Always read reviews of your products and services and pay particular attention to those that point out areas in which you can improve. Thank people for taking the time to write thoughtful reviews, and let them know that you're working on improving those areas they've brought to your attention.

Publish content explaining how you've improved your products and services. Point out how these improvements solved problems your customers told you about. You should regularly read and respond to reviews so your customers know you intend a two-way conversation and not a monologue.

Remember content marketing doesn't require buying ads or costly tools. Nearly everything you need to do can be done for no additional costs to you beyond your time and efforts.

Use free tools for planning, starting small with a focus on tasks that will provide the best ROI. You want each piece of the content you produce to speak directly to your readers. You want to understand their frustrations as well as their desired goals. As you determine what problems your customers need to be addressed, you can examine how your existing content can directly target their questions and frustrations.

As you decide what new content to create remember there are a few types of content that have remained popular over time.

  • Lists. It has been shown that lists help calm your mind by providing a sense of finality and by providing small pieces of information that are easy to process.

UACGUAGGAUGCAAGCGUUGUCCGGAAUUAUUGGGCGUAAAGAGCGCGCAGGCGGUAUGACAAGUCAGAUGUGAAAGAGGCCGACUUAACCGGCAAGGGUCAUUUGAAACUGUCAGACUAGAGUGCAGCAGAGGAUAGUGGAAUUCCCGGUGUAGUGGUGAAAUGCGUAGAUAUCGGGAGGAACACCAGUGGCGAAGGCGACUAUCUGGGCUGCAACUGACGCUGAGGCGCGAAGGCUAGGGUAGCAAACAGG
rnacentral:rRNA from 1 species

• How-to guides. Anyone with questions and struggles wants to know how to answer them and solve them. Provide how-to articles consisting of step-by-step instructions.
  • Case studies. Tell the story of how your product successfully helped a customer solve a problem. You're teaching the reader how they can accomplish the same results.

As you document the content you've already produced you can focus on the future and decide what gaps in your content inventory you want to address, and in what order. You need an editorial calendar to keep your content organized.

Even if you are the sole producer of your content you should document your style guidelines to be sure you're consistent. This also provides a document to enable anyone you bring in to produce content in the future to adhere to your style preferences. There are three questions to initially address:

  1. What type of message do you want to convey? Are you seeking to be calm or audacious?
  2. What is the structure of your articles? What sections do you want to include in every article and how long do you want them to be?
  3. How should articles be submitted to you? Include all the formatting details to save time in the future.

You're ready to go produce the content that will build your market presence and engender trust in your brand. And you didn't need a huge budget to get started.  

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Shelley
Shelley
Shelley's been in Seattle practically since the dawn of time. She enjoys having fun (seriously) with research and writing. In her off hours she reads and walks, although not at the same time -- because tripping over sidewalks is embarrassing.